TRAIN Law: How was it implemented?
Knowing the law is not the same as knowing how it will be implemented. New laws require rules and regulations on how these changes will be applied. These implementing rules and regulations are issued soon after the law is enacted.
In the case of the Tax Reform for Acceleration and Inclusion (TRAIN) Act, the issuance was spread out through the year. In fact, the first of these regulations was released before 2018.
Revenue Memorandum Circular (RMC) No. 105-2017 was issued on Dec. 29, 2017.
It prescribed the revised table for the withholding tax on compensation income.
Since then, the Bureau of Internal Revenue (BIR) has released various regulations, circulars and orders to implement the first package of the government’s Comprehensive Tax Reform Program.
The first, and perhaps the most important part of the tax reform, is the lowering of the personal income tax. Subsequent regulations also clarified certain portions of the personal income tax, specifically the optional 8 percent rate.
Under TRAIN Law, self-employed and professionals were allowed to avail themselves of the optional 8 percent tax in lieu of the graduated personal income tax and percentage tax. The TRAIN Law also stated that it will be available to those whose gross sales do not exceed the VAT threshold.
Revenue Regulations (RR) No. 8-2018 clarified that VAT-registered taxpayers would not be able to avail themselves of the 8 percent rate, regardless of their gross sales. The regulation also clarified that electing the 8 percent rate should be irrevocable for the duration of the year.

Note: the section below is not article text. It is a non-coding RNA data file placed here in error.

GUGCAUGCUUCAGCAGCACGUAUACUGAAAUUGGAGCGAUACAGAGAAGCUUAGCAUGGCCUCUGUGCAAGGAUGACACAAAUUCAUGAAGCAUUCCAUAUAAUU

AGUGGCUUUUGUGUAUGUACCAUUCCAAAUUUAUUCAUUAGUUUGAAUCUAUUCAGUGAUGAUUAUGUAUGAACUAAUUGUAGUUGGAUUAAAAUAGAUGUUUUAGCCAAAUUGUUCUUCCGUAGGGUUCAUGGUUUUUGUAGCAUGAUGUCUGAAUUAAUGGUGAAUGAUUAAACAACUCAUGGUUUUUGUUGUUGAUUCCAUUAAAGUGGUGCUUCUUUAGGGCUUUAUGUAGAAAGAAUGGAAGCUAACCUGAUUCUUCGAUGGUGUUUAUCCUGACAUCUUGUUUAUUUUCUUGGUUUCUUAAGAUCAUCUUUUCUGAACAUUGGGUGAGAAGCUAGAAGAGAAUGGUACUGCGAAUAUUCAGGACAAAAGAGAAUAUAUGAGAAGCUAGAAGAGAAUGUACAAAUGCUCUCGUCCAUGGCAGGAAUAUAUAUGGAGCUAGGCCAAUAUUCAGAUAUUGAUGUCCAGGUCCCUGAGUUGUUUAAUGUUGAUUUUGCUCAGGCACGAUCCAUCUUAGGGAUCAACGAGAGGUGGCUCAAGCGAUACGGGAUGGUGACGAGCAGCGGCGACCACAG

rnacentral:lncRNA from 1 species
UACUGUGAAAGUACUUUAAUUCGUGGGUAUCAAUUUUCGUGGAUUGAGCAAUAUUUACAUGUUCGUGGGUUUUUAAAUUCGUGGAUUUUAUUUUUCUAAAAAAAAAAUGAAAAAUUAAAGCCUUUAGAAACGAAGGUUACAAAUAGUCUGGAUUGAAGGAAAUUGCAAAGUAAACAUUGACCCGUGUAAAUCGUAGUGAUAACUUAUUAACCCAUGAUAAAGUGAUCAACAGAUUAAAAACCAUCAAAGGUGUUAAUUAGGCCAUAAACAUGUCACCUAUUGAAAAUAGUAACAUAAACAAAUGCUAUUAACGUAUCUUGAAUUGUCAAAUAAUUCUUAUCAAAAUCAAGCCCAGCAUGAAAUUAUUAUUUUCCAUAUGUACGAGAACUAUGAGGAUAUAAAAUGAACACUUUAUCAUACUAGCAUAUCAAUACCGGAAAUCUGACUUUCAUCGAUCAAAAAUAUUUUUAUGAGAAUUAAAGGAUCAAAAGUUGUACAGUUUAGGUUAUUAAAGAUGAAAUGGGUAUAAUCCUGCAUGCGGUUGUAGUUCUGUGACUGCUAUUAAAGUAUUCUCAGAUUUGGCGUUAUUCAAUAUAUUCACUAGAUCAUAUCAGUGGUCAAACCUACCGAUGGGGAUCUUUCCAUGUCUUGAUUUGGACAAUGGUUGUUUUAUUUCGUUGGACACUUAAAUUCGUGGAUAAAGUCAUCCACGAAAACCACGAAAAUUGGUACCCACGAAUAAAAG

It further stated that availing of the 8 percent had to be made in the First Quarter Percentage and/or Income Tax Return. Otherwise, the taxpayer would be deemed automatically subject to the graduated income tax rates.
Not all the issued regulations simply restate or clarify TRAIN. For instance, under the TRAIN Law, the rates on creditable withholding tax (CWT) shall be anywhere between 1 and 15 percent. The imposition of the specific rates is regarded as the privilege of the Secretary of Finance (upon recommendation of the BIR Commissioner).
RR 11-2018 imposed the rates for the CWT. The rate for professional fees could either be 5 percent or 10 percent for individual payees, or 10 percent or 15 percent for non-individual payees. It also clarified the new rates for various other types of income payments.
Of course, there were also regulations for the other aspects of the tax reform. As an offsetting measure, TRAIN imposed or increased excise taxes on certain products and services. These new rates needed to be supported by specific regulations.
RR 1-2018 was issued for mineral products, 2-2018 for petroleum products, and 3-2018 for tobacco products.
However, these issuances merely restated the new rates imposed by TRAIN, amending previous BIR issuances that covered the matter.
Later in the year, the BIR issued RR 5-2018 for automobiles and 20-2018 for sweetened beverages. These later issuances provided more details, explaining the new procedures and new forms to be used.
These amended tax rates (not just limited to excise taxes) required new alphanumeric tax codes as well. Revenue Memorandum Orders (RMO) were released throughout the year to cover the new rates for sweetened beverages (RMO 1-2018), personal income tax (RMO 28-2018), petroleum products (RMO 31-2018) and many others.